Dr. Lee is working on a project to help serve these data needs. Lessons from past health crises have already taught us that coordination across regions and countries is key to successfully detecting, controlling, and mitigating disease outbreaks, but coordination is a complex challenge that involves multiple levels of governance and requires timely access to accurate information. Dr. Lee and her team are therefore collecting details about the cross-border measures currently in place around the world (such as trade and travel bans or restrictions, compulsory quarantines, and screening practices), as well as the most up-to-date data about the efficacy of those measures. With this information, the team plans to create a data analysis tool that will help public health officials and political leaders make evidence-based decisions about cross-border measures—and by improving how those measures are used, the team's goal is to improve how countries coordinate their responses to COVID-19 overall. 

"In a nutshell, we want to make sure that decisions about cross-border measures—that is, what those measures are, when they should be adopted, and when they can be removed—are taken for the right reasons," Dr. Lee explains. "Coordination is really the basis of effective collective action."

Pushing back against the "noise"

For most, the pandemic has been extremely disorienting. Whether we are exercising, caring for loved ones or simply shopping for groceries, it can be difficult to know what steps to take to safeguard our own health and that of others. This has understandably left many turning to social media and other online sources to seek comfort and search for new information. These common practices were well established in our lives before the pandemic, but information-seekers today are likely to find a lot more than they bargained for.

Professor Timothy Caulfield

"There is an astronomical amount misinformation circulating about the coronavirus right now," says Professor Timothy Caulfield, Research Director of the Health Law Institute at the University of Alberta, who has been studying the spread and impact of health misinformation for decades. "It's unprecedented. I've never seen anything like it."

Misinformation is "an incredibly complex social phenomenon," says Professor Caulfield. The newness of the SARS-CoV-2 virus and the massive societal disruptions related to the pandemic have created fertile ground for misinformation in a variety of forms, ranging from conspiracy theories about the origin of the virus to potentially dangerous (or even deadly) advice about prevention and "cures." In addition to promoting unproven products or activities to fight infection, misinformation can quickly become full-blown propaganda, often with the potential to amplify racism, stoke distrust in experts, or undermine the best public health strategies.

Professor Caulfield is leading a new project to battle this onslaught of misleading and harmful messaging about the SARS-CoV-2 virus and COVID-19 disease. To get a handle on the current situation, his team is scouring social media platforms, mainstream media news stories, and search engine data to see how people are searching for information—and what they find when they do. They are documenting the nature, scope, and sources of misinformation about the pandemic, but they are also studying human behaviour (how people respond to the misinformation) to determine which types of messages are gaining traction and why.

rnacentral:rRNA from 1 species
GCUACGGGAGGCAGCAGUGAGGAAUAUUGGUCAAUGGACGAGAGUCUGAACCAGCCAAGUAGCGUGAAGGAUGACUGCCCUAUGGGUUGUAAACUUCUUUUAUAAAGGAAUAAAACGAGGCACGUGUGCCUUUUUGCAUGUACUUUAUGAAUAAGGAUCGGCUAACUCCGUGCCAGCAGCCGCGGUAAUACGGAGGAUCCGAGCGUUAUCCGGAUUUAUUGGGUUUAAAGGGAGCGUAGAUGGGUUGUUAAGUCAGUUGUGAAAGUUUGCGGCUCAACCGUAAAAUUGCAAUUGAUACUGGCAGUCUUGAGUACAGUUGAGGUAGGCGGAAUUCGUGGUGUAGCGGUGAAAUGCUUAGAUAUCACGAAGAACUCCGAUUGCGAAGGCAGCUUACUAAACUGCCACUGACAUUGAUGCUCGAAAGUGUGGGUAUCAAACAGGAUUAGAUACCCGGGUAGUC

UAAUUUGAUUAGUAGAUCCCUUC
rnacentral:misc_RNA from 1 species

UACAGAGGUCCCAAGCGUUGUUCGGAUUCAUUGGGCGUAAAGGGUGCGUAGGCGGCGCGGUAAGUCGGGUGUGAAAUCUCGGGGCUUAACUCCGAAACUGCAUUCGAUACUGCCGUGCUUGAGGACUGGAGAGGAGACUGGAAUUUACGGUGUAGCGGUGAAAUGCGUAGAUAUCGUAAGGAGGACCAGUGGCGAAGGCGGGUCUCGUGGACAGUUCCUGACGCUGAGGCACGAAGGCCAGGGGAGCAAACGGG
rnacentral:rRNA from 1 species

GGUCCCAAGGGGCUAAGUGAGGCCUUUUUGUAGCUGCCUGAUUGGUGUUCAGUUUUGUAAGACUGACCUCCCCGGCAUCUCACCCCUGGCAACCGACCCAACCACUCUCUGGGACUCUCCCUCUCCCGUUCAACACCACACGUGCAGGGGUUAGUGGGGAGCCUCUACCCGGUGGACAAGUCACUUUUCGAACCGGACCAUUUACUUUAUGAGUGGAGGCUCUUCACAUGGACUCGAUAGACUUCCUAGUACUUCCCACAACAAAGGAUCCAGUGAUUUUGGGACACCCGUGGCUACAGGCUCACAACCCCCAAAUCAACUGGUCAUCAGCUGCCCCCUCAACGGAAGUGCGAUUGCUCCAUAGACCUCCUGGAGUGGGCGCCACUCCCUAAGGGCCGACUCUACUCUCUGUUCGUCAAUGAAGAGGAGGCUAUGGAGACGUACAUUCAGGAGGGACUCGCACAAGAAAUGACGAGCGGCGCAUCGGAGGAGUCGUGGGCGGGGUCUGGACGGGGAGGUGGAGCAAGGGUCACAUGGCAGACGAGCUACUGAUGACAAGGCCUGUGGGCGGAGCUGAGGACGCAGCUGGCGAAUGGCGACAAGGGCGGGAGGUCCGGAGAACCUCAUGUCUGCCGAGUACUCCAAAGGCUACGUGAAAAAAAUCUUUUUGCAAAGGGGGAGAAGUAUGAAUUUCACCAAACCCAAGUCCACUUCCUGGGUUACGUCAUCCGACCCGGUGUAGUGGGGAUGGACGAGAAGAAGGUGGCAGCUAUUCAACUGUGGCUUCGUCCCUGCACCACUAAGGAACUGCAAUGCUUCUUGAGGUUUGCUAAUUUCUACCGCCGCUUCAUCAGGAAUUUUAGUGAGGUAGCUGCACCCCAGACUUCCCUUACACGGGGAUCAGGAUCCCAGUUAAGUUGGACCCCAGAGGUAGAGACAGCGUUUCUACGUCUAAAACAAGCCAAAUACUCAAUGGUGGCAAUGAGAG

In a second phase of the project, the team will combine these insights to create an evidence-based blueprint to outline ways for governments, companies, the media, and the general public to "push back against the noise" of misinformation, whether it's about the COVID-19 pandemic or a future event.

Dispelling misinformation can be frustratingly complicated, especially since so many of us are inclined to believe that we're not susceptible to it in the first place. But misinformation becomes increasingly harmful to individuals and entire communities if it is left to fester, which is why we all have a role in stopping it. This is exactly where evidence-based social countermeasures kick in, with research better equipping us for the battle against scientific bunk.

"We need to know what misinformation is out there related to COVID-19, and then we need to find ways to have a meaningful impact against it," explains Professor Caulfield. "We need research to see what really works—and then we'll use it. But I do hope a legacy of this crisis will be the broad recognition of the value of good science and that we learn from the harm of bad information and pseudoscience."

And when it comes to good science—whether it's strengthening the health care system, offering medical countermeasures, charting the social impacts of the pandemic or exposing misinformation—Canadian researchers have got us covered.

The projects featured in this story have been chosen to provide an overview of the various ways in which health research is contributing to Canada's response to the COVID-19 pandemic. To learn about more COVID-19 research taking place across the country, browse through individual project profiles.